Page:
Tornado, hail add new twist to storms
The National Weather Service can't say for sure, but meteorologists suspect the thunder and lightning storm that rushed over the Islands late Thursday night and yesterday morning brought with it hail and a tornado, as well as lightning.
And for a second straight night, O'ahu was hit hard yesterday by heavy rain.
The downpour caused a mudslide in the 2700-block of Round Top Drive, where two slides were reported earlier this week. Last night's slide occurred shortly before 8 and was "four times bigger than the previous" slides, said city spokesman Mark Matsunaga.
Police were forced to close that stretch of Round Top Drive until the debris could be removed.
In Manoa Valley, a mudslide was reported on Paty Drive and rocks and debris slid onto Beaumont Woods Place.
A swollen Makiki Stream caused flooding in the McCully area and closed several roadways, while Kalakaua Avenue and other streets in Waikiki were closed temporarily because of flooding.
Firefighters were kept busy responding to calls of manhole covers being displaced by storm water and residents reporting flooding at their homes. There were no reports of major damage.
Tornadoes and hail are rare in Hawai'i, said Wes Browning, meteorologist for the National Weather Service, but both likely occurred early yesterday morning. The tornado is suspected of causing damage at Kaumalapau Harbor on Lana'i, blowing a trailer off its foundation and sending it 10 feet down a berm onto a roadway.
The hail, about an inch in diameter, hit the Kona Coast of the Big Island.
"Thunderstorms set off the tornado," Browning said, adding that the last one recorded in Hawai'i was in December in 'Aiea. "Basically, the entire thunderstorm starts to rotate."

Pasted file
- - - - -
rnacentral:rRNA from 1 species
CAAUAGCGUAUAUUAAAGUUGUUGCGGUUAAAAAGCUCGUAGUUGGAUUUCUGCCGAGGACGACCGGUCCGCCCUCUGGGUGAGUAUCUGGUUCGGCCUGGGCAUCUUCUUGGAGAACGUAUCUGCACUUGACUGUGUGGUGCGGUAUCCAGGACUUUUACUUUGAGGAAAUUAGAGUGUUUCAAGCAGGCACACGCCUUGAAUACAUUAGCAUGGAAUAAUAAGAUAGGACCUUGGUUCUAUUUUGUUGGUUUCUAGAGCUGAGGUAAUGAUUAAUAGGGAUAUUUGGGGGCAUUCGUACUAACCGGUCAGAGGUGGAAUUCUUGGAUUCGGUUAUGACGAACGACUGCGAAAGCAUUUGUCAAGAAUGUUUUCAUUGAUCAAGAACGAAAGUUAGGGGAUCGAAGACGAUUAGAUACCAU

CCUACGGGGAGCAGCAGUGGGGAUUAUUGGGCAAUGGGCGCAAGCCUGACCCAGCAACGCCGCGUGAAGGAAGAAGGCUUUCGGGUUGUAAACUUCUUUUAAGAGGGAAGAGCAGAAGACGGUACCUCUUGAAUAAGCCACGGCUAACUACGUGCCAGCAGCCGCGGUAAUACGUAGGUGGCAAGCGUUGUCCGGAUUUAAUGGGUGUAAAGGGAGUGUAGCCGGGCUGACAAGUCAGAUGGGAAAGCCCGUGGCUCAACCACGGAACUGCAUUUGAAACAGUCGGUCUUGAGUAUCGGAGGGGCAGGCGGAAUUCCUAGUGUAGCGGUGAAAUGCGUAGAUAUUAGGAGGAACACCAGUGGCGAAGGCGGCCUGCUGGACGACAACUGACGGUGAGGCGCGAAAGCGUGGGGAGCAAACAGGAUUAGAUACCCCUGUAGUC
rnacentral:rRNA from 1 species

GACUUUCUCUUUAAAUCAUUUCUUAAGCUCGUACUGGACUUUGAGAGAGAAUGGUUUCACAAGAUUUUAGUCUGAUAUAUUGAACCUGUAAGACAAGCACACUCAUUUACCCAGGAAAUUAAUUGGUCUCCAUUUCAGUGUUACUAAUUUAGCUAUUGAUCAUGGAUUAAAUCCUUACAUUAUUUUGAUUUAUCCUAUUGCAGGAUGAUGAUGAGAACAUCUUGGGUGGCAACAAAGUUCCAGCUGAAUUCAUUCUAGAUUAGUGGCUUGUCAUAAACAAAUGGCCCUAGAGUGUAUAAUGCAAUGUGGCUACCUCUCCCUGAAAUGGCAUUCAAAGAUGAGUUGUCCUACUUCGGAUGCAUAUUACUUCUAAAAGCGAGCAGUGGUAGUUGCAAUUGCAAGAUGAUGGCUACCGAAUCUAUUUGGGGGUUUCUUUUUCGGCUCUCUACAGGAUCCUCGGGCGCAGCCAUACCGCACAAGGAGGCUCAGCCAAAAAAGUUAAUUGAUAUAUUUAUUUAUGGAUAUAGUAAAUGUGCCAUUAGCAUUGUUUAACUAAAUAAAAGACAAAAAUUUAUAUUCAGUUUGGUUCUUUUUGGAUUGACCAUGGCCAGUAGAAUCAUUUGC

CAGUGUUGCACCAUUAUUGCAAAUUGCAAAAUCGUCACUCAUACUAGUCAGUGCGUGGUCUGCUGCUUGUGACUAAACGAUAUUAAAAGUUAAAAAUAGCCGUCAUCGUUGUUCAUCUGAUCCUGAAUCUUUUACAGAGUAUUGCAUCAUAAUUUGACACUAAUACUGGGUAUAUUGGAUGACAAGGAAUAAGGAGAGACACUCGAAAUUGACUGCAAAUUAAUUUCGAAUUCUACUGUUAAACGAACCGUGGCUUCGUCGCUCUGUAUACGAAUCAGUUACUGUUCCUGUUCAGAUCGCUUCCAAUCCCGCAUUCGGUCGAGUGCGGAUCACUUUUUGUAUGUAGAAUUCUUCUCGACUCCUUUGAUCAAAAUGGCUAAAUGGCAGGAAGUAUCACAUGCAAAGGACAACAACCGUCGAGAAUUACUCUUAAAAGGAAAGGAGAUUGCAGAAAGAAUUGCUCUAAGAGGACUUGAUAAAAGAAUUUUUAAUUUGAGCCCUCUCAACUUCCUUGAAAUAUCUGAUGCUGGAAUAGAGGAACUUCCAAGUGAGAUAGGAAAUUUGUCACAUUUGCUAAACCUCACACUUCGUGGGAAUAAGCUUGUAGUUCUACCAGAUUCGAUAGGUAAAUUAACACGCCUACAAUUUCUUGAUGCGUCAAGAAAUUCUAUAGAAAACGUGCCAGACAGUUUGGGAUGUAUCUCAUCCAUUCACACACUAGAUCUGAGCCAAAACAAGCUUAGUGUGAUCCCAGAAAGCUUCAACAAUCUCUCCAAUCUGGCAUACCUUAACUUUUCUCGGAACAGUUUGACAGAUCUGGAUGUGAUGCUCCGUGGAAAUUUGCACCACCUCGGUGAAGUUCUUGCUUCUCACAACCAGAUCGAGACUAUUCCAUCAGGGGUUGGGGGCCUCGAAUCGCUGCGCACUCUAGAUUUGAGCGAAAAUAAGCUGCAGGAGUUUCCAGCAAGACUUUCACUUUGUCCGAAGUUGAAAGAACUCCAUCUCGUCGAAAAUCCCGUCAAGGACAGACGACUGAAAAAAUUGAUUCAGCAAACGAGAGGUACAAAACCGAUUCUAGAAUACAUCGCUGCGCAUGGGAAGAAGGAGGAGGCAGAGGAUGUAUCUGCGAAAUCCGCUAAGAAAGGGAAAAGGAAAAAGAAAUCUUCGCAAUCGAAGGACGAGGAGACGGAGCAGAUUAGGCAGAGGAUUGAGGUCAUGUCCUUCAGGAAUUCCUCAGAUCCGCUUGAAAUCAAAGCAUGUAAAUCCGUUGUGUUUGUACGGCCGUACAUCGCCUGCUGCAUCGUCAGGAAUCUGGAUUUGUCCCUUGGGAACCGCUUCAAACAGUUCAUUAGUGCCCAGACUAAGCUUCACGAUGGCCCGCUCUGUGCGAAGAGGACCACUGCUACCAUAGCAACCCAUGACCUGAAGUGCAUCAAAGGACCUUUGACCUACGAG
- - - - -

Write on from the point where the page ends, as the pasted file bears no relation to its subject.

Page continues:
Yesterday's unusually rough weather late in the evening was accompanied by the heavy rains that have saturated the Islands over the past few weeks. Crews on O'ahu spent yesterday mopping up roads and clearing waterways, while parks and golf courses were forced to close because of the heavy showers. The municipal golf courses are expected to reopen today, provided they are dry enough for play. Players with tee times are urged to call first before going to the courses.
Other damage caused by the rain yesterday were the third landslide on Round Top Drive in as many days and a 42-inch sewer main rupture sometime before 7 a.m. at Kai'olu Street. The rupture forced the closure of the left lane of Ala Wai Boulevard as repairs were made. Some of the untreated sewage from the break spilled into a storm drain that leads to the Ala Wai Canal, city Environmental Services officials said.
Warning signs were posted along the canal and various points downstream. Officials said the public is advised to heed the signs and avoid contact with the affected waters.
While sewage spills and landslides have almost become commonplace over the past week, the tornado and hail were a new twist in the wet winter weather.
No one witnessed the tornado on Lana'i, Browning said, and the only way to determine if one had struck is to study the path and see if there's evidence of rotation. However, the weather service did detect the possibility of a tornado earlier and had issued a tornado warning on the island about half an hour before the suspected tornado struck.
The suspected tornado at Kaumalapau Harbor yesterday scattered empty cargo containers and snapped the top of a utility pole, Browning said.
As for the hail, it was reported by Big Island residents in Kealakekua after a severe thunderstorm slammed into the Kona Coast at about 9:35 a.m.
The last time hail as big as yesterday's fell was 2003, also on the Big Island, he said. No damage was reported from the hail.
On O'ahu, most of the concern was over the landslides. Larry Leopardi, chief of the city's road maintenance division, said his crew was out until 3 a.m. yesterday on Round Top Drive clearing a slide from state land.
The state Department of Land and Natural Resources has hired an engineering firm to assess the site and make recommendations for it and for another landslide moving from state land onto two Manoa homes, according to a storm update from the DLNR.
Leopardi said his crews were checking low areas and responding to complaints yesterday, and that they will be working today and Monday, a state holiday.